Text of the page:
Curating on the Boundaries of Art and Visual Culture (2004)

This is an unpublished lecture delivered at colloquium on the subject of “the boundaries of art and visual culture” at the University of Toronto in January 2004.

I.
Bear with me…I will be talking about the colloquium’s topic of “the boundaries of art and visual culture,” but first I want to talk about the “p” word: punctum, as in the assertion—need it have been said?—“The punctum does not exist.” Thinking about attending Michael Fried’s lecture here at University of Toronto a couple months ago provoked by the weird conjunction of these two names on the poster—Michael Fried speaking on “Barthes’s Punctum”—I wondered, what could Fried say; what could be said about this book from nearly 25 years ago, when Roland Barthes died and lost his influence as a living critic? What could this man, Michael Fried, who declared a war (problematic choice of words during the period of the Vietnam war), who declared a war on theatricality—and here is what he stated in “Art and Objecthood”:

(1)    The success, even the survival, of the arts has come increasingly to depend on their ability to defeat theatre.
(2)    Art degenerates as it approaches the conditions of theatre.
[interesting puritanical moralist language:  “degenerates.” Elsewhere he says minimalism has been “corrupted or perverted by theatre,” 136]
(3) The concepts of quality and value—and to the extent that these are central to
art, the concept of art itself—are meaningful, or wholly meaningful, only within the individual arts. What lies between the arts is theatre. [139-42]

—what could this man have to say, except as a confrontation not a rapprochement, with the most theatrical of critics, Roland Barthes? [(Fried castigated Susan Sontag as the egregious theatrical sensibility of the period, at a time she probably was reading Roland Barthes, who in 1968 was not theatrical—or “wholly” theatrical but soon would become so.) Roland Barthes, the writer who declared that “Fiction [i.e., he means criticism] would proceed from a new intellectual art…we subject the objects of knowledge and discussion—as in any art—no longer to an instance of truth [this is what Fried’s “presentness is grace” is about (“an instance of truth”): preposterous to compare this presence, as he did, to Barthes’s “air,” Barthes who admitted his reliance on the deconstructivist critique of presence initiated by Jacques Derrida], {no longer to an instance of truth} but to a consideration of effects.” [Roland Barthes (1975 [1977]), 90].  Contrary, Fried declared that “Literalist sensibility is theatrical because, to begin with, it is concerned with the actual circumstances in which the beholder encounters literalist work.” (125) Barthes is nothing but circumstance and encounter, witness the wound of the punctum—the wound Barthes received from the image, not the one he receives retrospectively from Fried. Strange, the arrogant and impertinent attempt to assert the self retrospectively in history where it contradictorily does not belong, when otherwise history has been absent from the American’s critical practice. Is this gesture not an unacknowledged theatrical act in itself?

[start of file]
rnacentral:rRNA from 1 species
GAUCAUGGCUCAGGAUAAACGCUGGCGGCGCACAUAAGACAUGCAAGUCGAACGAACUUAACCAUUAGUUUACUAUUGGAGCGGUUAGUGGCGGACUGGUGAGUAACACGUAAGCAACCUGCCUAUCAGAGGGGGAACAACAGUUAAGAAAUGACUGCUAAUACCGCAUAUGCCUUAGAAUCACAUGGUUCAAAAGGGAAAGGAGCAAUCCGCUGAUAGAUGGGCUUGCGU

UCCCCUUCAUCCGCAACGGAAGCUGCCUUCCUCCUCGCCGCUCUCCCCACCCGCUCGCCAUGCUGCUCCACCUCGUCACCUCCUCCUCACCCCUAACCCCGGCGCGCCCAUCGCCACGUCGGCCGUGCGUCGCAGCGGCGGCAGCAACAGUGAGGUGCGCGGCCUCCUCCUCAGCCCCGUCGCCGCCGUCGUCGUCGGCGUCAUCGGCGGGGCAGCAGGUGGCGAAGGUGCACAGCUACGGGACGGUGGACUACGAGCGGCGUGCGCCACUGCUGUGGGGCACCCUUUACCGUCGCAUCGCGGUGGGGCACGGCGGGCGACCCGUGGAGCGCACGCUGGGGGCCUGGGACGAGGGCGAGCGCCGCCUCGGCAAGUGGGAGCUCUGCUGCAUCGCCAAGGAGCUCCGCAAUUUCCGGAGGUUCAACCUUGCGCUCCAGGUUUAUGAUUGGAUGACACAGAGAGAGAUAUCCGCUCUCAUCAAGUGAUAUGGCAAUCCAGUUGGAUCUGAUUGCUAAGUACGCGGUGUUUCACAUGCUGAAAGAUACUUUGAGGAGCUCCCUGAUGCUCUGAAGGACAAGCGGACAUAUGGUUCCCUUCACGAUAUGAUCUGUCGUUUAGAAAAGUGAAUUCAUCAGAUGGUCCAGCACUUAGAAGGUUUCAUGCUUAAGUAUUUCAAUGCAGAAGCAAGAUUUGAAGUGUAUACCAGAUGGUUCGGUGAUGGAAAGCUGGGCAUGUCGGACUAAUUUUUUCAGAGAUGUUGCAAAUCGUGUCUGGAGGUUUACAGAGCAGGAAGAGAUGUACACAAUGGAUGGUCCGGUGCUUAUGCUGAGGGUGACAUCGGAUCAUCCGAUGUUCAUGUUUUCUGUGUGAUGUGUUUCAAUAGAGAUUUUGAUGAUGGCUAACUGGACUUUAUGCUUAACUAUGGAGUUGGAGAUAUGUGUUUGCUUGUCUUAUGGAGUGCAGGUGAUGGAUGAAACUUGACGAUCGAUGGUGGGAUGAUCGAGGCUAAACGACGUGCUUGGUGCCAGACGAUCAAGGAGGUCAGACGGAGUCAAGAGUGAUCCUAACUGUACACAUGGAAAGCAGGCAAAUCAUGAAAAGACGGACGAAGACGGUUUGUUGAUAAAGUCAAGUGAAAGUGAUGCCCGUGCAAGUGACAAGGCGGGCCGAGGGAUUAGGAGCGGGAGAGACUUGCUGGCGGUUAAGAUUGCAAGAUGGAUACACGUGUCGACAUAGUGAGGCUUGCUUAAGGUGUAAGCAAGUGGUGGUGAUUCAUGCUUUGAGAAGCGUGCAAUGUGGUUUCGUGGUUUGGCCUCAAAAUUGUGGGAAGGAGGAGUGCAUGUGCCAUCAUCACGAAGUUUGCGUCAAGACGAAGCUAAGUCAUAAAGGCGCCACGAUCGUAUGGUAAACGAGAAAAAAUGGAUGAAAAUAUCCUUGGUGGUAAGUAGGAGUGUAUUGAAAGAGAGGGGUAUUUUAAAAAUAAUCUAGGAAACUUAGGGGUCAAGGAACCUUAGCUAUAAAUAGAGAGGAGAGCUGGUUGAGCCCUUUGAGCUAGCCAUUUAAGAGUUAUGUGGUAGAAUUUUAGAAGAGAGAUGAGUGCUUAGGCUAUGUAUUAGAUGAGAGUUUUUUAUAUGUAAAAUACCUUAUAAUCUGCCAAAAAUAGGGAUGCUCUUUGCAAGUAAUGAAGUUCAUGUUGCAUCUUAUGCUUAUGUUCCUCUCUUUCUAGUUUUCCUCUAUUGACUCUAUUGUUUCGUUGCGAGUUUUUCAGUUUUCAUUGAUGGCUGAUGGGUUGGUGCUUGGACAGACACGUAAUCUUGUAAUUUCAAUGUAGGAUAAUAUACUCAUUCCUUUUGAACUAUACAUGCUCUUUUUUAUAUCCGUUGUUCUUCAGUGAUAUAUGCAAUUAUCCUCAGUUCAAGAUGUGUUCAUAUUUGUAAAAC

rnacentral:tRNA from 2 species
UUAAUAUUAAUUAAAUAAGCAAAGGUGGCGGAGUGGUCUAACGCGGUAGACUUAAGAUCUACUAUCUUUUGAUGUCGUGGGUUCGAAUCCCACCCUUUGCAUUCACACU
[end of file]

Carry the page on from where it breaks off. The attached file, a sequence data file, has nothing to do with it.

[Barthes: “Arrogance—He has no affection for proclamations of victory ….     Transposed to the level of discourse, even a just victory becomes a bad value of language, an arrogance …”]
          But I have to thank Michael Fried for reminding me: in a sense, Barthes was at the origins in the late 1970s and early 1980s—I had forgotten, his death in 1980 excising his direct influence—Barthes was at the origin, when I was a writer, of a curatorial practice that I thought developed in the mid 1990s, a practice that I labelled, in a1998 article “Trash as a Cultural System”—not worrying about Fried but calling forth another filiation—that I labelled theatrical: “theatrical curating.” Counter to Fried but allied to Barthes—and let’s be honest, allied to the most important art of Fried’s period to which he lost not just the battle but the war— it is exactly through the term “theatricality” that I will be outlining another history—because theatricality, it appears, is a matter of boundaries—it is on the outside of the inside. Or more precisely, the notions of value and quality determine absolute boundaries—the border of inside and outside, determining inclusion and exclusion, and distinctions of high and low. (The “p” word is also power.) Theatre, as Fried tells us, is what lies between. So we are at the heart of the topic of this colloquium: “the boundaries of art and visual culture”; and since the question posed by this colloquiumis also that of “the role of images in commercial society, and the potential for a critical image-making practice in today’s media saturated world,” we must then examine not only the relation of images to each other but their relation to the self, the “beholder” in Fried’s terminology. Not, therefore, images of quality or value, but contaminated by their theatricalized beholding, they must then be, logically, perverse, degenerate, and corrupting images. (The “p” word is also police.)
          Blame the artist: I intend to talk about how artists’ practices inform, one might say corrupt, curatorial strategies.
         But as an aside, what if as an experiment, we examined, not the literalist, that is, minimalist, art Fried was attacking in his 1968 article, but the theatre of the period, and the most extremely theatrical of it, for instance, the obscure underground theatre of Jack Smith, Charles Ludlam, and the Theatre of the Ridiculous: